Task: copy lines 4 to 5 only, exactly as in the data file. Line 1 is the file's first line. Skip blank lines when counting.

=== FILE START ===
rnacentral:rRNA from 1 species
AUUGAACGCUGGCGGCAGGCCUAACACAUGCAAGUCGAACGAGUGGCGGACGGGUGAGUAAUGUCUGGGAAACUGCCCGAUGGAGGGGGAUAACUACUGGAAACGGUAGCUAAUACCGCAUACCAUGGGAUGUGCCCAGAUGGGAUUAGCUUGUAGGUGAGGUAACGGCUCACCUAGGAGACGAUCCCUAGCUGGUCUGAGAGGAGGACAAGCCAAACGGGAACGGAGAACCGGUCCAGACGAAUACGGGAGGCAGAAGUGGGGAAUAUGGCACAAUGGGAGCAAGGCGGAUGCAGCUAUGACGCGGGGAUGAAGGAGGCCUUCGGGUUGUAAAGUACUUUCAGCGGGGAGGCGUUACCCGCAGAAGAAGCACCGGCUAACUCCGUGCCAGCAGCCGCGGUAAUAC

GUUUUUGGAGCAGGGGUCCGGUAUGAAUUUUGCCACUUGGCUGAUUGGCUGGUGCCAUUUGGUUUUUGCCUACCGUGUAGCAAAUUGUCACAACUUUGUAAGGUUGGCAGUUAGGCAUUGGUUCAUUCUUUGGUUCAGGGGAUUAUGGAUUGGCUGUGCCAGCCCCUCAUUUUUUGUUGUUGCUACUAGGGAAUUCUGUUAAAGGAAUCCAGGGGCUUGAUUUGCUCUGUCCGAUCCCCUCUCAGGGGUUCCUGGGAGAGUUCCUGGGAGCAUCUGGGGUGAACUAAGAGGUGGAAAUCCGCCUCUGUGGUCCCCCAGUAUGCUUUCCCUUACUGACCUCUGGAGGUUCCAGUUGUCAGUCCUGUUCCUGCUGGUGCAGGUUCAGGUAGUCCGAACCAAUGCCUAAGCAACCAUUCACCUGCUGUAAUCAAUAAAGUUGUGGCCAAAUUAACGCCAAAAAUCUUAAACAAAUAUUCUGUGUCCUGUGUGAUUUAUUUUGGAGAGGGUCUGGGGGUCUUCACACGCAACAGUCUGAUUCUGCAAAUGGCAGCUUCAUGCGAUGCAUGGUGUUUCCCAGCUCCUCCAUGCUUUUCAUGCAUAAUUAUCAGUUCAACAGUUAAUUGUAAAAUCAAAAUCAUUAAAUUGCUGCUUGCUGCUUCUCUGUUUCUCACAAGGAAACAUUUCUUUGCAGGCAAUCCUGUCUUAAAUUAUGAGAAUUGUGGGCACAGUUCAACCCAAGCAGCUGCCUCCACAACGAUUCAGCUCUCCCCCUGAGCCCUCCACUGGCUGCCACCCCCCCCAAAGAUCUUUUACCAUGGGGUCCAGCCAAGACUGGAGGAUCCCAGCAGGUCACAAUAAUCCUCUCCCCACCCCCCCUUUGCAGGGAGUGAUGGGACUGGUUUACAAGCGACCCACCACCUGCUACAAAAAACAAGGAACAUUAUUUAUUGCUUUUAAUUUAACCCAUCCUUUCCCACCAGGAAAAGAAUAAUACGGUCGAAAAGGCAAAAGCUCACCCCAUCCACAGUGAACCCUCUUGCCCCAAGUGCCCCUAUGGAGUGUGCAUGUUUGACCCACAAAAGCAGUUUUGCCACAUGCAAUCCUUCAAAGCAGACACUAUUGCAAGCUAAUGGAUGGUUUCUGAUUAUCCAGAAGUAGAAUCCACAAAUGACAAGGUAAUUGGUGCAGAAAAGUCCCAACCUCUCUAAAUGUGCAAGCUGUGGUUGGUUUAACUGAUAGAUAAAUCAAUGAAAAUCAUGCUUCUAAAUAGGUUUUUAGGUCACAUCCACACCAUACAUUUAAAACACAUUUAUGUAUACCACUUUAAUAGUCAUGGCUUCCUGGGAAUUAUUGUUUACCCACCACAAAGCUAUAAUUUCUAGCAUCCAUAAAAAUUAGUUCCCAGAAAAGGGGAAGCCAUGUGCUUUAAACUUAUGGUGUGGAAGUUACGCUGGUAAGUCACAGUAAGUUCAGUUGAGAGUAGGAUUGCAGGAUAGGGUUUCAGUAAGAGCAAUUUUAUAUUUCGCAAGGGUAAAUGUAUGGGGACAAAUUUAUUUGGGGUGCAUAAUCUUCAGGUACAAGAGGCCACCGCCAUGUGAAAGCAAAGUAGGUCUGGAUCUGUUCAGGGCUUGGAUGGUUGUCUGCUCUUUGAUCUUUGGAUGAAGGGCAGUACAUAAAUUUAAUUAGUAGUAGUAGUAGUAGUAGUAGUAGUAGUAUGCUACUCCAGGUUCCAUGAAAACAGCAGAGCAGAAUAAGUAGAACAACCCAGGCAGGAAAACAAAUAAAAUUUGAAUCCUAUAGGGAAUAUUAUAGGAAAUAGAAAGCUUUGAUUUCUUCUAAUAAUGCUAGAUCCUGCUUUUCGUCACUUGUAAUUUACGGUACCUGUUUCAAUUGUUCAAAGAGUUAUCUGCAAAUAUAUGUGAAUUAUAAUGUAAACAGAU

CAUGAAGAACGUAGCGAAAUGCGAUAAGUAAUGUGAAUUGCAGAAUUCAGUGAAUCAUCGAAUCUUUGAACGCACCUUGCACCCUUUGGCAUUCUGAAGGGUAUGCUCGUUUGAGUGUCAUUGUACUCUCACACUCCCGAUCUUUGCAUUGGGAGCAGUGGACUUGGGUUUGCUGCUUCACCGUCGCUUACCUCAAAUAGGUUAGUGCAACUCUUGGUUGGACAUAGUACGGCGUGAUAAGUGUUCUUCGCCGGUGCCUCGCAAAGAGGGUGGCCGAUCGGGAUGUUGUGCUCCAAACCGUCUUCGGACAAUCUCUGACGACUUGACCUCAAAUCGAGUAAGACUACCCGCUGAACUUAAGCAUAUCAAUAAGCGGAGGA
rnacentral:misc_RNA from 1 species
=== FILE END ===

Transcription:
CAUGAAGAACGUAGCGAAAUGCGAUAAGUAAUGUGAAUUGCAGAAUUCAGUGAAUCAUCGAAUCUUUGAACGCACCUUGCACCCUUUGGCAUUCUGAAGGGUAUGCUCGUUUGAGUGUCAUUGUACUCUCACACUCCCGAUCUUUGCAUUGGGAGCAGUGGACUUGGGUUUGCUGCUUCACCGUCGCUUACCUCAAAUAGGUUAGUGCAACUCUUGGUUGGACAUAGUACGGCGUGAUAAGUGUUCUUCGCCGGUGCCUCGCAAAGAGGGUGGCCGAUCGGGAUGUUGUGCUCCAAACCGUCUUCGGACAAUCUCUGACGACUUGACCUCAAAUCGAGUAAGACUACCCGCUGAACUUAAGCAUAUCAAUAAGCGGAGGA
rnacentral:misc_RNA from 1 species